Lincoln Riley Spring Preview

Lincoln Riley Spring Preview

PREMIUM: Why Mike Woods chose Oklahoma, and why Lincoln Riley chose Mike Woods

Sooners coach said he was starting with a clean slate at WR, so as spring practice winds down, he's upgraded the group with a transfer from Arkansas
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When news that Mike Woods was thinking about leaving Arkansas surfaced, I honestly didn’t think much of it.

When rumors began to circulate that he was considering transferring to Oklahoma, I wasn’t stirred to think he was really coming.

The reason for my lack of conviction: Oklahoma’s receiver room is loaded? Why would they want to take on a transfer from Arkansas, of all places, in the middle of spring football practice — and a guy who caught just 32 passes for the Razorbacks last season?

Then the news actually happened today — Woods just announced on Twitter that he’s transferring to OU — and it hit me. Finally.

Lincoln Riley is welcoming Wood because the Sooners’ head coach continues to be underwhelmed by that “loaded” receiver room.

Mike Woods

Mike Woods

Remember, Riley opened this spring with a press conference in which he simply called out the Sooners’ receiver corps. There’s no other way to say it. Euphemisms and PR spin don’t apply here. This was straightforward and blunt.

“Although we had some great moments,” Riley said on March 18, “that was a position that we weren't real thrilled about the way we played last year, and know that we can that we can play better there.”

Riley at the time expressed his motives for making wholesale changes to the group.

“We told the guys from Day One when we came back that, ‘We’re wiping everything that any of you guys have ever done and we are starting with a clean, blank slate.’ ”

So on Friday, Riley added Woods’ name to that slate.

The 5-star trio from 2019 — Trejan Bridges, Jadon Haselwood and Theo Wease — has been inconsistent at best and a massive letdown at worst. Bridges sat out almost all of last year serving an NCAA suspension. Haselwood missed almost all of 2020 with a knee injury. Both flashed as true freshmen in 2019, but then 2020 happened. And Wease got off to a slow start in 2019 as well and last season emerged as the co-team leader in receptions and one of Spencer Rattler’s most reliable targets on third down. But even Wease’s solid sophomore season came with a caveat: he dropped too many passes, including potential touchdowns.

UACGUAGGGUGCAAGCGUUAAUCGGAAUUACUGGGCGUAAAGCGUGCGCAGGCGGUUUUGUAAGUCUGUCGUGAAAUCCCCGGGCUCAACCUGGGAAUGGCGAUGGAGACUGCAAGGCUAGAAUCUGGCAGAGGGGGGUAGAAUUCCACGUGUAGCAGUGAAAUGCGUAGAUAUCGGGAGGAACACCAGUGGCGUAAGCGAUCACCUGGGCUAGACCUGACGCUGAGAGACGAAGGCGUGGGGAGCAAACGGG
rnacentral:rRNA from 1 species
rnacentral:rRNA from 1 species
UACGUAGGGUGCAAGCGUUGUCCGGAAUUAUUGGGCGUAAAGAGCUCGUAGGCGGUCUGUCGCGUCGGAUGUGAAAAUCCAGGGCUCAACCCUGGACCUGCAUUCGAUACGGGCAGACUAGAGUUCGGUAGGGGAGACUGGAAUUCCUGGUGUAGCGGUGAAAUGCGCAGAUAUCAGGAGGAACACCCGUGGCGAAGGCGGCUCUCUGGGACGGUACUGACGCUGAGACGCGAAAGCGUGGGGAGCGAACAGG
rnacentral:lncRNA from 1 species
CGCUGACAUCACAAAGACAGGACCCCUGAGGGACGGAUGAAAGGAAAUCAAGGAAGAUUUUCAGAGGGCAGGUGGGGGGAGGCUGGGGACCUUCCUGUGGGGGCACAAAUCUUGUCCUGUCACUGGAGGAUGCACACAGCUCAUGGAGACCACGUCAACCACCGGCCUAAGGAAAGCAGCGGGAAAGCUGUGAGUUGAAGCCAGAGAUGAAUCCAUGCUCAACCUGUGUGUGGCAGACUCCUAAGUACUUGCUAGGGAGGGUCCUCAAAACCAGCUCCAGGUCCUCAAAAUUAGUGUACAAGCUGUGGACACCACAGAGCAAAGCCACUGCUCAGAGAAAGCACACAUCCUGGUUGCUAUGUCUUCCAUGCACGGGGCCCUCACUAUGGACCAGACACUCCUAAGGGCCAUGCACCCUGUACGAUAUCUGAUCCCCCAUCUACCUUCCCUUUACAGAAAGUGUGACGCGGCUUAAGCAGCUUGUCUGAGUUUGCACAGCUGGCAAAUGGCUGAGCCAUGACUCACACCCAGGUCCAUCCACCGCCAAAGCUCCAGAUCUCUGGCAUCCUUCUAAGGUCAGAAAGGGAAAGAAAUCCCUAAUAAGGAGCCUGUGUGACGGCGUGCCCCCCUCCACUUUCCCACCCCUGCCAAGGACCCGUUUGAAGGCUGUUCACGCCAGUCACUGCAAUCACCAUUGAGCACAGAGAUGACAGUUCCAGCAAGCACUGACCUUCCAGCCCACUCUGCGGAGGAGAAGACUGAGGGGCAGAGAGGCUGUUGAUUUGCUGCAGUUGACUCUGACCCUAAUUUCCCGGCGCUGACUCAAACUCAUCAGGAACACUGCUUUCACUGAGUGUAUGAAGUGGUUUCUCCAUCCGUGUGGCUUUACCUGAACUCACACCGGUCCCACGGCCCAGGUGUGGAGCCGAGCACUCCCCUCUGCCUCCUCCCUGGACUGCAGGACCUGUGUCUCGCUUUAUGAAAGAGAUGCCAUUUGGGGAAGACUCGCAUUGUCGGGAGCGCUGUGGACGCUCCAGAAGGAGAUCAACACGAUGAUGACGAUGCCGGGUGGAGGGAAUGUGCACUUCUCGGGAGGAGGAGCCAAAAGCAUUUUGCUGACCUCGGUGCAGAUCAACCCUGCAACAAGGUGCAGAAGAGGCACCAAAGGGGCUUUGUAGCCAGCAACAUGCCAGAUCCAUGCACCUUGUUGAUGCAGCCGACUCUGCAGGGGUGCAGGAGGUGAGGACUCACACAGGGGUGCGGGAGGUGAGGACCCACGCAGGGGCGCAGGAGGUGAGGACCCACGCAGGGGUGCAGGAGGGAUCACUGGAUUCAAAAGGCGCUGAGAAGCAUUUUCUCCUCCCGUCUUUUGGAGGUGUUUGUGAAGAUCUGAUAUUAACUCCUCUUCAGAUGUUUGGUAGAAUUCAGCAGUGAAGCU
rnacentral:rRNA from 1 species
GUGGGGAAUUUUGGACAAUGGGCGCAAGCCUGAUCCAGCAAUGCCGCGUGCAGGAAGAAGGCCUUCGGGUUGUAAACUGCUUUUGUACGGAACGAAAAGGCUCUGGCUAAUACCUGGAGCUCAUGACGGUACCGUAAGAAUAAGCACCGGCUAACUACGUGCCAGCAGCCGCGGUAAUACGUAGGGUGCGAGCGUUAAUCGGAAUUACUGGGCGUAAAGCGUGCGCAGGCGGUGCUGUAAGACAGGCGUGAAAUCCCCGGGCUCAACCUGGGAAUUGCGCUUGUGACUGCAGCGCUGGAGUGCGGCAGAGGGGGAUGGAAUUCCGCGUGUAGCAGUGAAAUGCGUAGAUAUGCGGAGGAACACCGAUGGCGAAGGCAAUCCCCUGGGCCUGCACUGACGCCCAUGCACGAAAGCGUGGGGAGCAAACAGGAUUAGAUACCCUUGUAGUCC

All that allowed true freshman Marvin Mims to emerge as Rattler’s go-to guy last season. Mims dropped a touchdown, too, but was the Sooners’ best receiver in 2020.

The rest of the OU receiver corps is either young (SI All-American Mario Williams and CeeDee Lamb protégée Cody Jackson are freshmen) or walk-ons (there are currently eight or nine, depending on who’s at practice) or named Drake Stoops.

Riley has realized that Haselwood’s knee injury may be still holding him back (remember he sat out of the Cotton Bowl last year for “personal reasons”) and that Bridges might not be rejoining the team (he was suspended last week after police implicated him as a suspect in an alleged robbery and assault near campus).

He’s also realized, after 14 spring practices, that “Operation Clean Slate” might not have produced the intended results this spring, and that the rest of the group continues to lack consistent production.

Mike Woods

Mike Woods

And then there's the departures: Charleston Rambo, Theo Howard and Obi Obialo all left. OU currently has 16 names listed at wideout (including walk-ons), but the overall numbers are down now. And as Riley looks around the room, he certainly doesn't see enough playmakers.

And that’s why Riley welcomed Woods with open arms.

Woods has just over three months to ingrain himself into Riley’s offense. He’ll be drinking through a firehose, so to speak, but if he can pick things up and open August with a foundational knowledge of what’s expected of him from his new coaching staff, he’ll have a chance to elevate himself onto a two-deep that is trying to get better, but just, for a multitude of reasons, has not reached the OU standard.

Woods has shown he can be athletic and consistent and productive and reliable in an offense that ranked 52nd in the nation in passing yards per game. Maybe he can do the same in an offense that is perennially among the leaders in college football.

Because apparently that’s been missing in Norman.

“A lot of our offseason with those guys,” Riley said in March, “has been kind of dedicated to challenging them in the areas that we weren’t as good as we needed to be, and really finding guys that are going to attack those areas and turn those maybe what were weaknesses into strengths. And those are gonna be the guys that we play with.”


COMMENTARY 


When news that Mike Woods was thinking about leaving Arkansas surfaced, I honestly didn’t think much of it.

When rumors began to circulate that he was considering transferring to Oklahoma, I wasn’t stirred to think he was really coming.

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